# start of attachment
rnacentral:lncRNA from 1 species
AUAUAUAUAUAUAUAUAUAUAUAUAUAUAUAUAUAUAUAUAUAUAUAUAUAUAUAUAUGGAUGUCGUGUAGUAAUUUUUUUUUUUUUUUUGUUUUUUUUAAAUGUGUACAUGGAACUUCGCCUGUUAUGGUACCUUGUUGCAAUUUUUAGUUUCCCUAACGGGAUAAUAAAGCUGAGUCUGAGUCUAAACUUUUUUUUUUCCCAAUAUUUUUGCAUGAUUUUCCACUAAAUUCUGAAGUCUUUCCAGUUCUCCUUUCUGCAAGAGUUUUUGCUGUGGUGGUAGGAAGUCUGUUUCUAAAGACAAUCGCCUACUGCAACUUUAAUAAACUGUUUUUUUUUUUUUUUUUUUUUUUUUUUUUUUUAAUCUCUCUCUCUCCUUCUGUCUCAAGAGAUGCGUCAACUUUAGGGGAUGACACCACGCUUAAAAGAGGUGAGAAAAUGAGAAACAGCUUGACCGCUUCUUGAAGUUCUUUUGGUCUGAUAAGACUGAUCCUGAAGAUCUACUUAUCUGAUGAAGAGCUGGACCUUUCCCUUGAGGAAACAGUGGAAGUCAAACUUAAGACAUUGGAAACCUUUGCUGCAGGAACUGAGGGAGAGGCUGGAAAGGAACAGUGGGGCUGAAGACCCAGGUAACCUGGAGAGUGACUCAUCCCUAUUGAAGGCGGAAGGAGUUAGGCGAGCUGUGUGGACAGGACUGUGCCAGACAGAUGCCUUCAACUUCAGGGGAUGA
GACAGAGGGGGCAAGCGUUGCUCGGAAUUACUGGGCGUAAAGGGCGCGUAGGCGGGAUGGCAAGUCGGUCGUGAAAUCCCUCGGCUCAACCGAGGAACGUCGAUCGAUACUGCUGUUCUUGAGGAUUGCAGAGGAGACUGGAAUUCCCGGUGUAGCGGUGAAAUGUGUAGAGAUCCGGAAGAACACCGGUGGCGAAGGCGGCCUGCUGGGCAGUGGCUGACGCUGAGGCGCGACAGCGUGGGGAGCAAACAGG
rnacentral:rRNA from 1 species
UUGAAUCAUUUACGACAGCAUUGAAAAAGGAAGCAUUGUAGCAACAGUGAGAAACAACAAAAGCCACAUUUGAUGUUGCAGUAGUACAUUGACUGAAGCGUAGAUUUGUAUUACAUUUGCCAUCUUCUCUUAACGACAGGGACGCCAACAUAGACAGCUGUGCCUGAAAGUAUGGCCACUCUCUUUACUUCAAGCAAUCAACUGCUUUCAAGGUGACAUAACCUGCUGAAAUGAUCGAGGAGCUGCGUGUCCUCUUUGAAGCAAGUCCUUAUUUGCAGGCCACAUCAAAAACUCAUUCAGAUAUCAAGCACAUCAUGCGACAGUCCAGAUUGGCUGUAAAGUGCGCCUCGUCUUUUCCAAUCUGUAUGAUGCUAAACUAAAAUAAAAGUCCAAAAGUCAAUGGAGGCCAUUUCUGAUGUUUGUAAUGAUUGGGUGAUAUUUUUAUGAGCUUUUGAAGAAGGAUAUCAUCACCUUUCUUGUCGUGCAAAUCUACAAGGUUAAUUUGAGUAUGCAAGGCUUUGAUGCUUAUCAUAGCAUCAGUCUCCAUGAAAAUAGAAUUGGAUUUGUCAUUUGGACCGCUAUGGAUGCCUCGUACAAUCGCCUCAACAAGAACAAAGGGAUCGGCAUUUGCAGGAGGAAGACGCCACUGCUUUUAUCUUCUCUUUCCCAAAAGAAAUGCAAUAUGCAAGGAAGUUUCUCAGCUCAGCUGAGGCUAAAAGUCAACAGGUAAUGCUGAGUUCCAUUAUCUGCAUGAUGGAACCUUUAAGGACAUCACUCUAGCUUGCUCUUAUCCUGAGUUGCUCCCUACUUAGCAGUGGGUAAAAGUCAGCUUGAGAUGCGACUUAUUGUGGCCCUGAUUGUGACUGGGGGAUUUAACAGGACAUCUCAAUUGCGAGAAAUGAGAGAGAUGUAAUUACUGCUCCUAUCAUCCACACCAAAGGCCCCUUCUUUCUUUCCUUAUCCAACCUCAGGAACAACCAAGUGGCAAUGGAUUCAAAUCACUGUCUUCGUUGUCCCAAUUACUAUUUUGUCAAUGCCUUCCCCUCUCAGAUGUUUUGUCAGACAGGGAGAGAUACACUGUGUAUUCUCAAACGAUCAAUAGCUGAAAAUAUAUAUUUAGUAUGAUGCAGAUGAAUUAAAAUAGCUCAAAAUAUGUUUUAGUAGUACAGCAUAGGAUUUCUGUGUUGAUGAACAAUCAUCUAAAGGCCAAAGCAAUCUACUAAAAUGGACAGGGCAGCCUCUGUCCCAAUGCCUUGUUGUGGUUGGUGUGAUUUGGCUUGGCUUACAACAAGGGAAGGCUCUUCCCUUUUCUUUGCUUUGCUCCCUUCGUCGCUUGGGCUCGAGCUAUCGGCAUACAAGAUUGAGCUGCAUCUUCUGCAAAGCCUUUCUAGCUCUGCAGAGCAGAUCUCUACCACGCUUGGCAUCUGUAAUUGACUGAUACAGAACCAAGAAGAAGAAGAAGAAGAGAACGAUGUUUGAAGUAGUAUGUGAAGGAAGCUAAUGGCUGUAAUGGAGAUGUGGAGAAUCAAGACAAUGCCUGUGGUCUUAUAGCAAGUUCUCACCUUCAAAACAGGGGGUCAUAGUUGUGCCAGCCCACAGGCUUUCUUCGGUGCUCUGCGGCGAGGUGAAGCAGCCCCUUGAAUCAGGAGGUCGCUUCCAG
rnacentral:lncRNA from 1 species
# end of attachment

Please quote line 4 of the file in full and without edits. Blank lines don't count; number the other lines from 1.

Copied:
rnacentral:rRNA from 1 species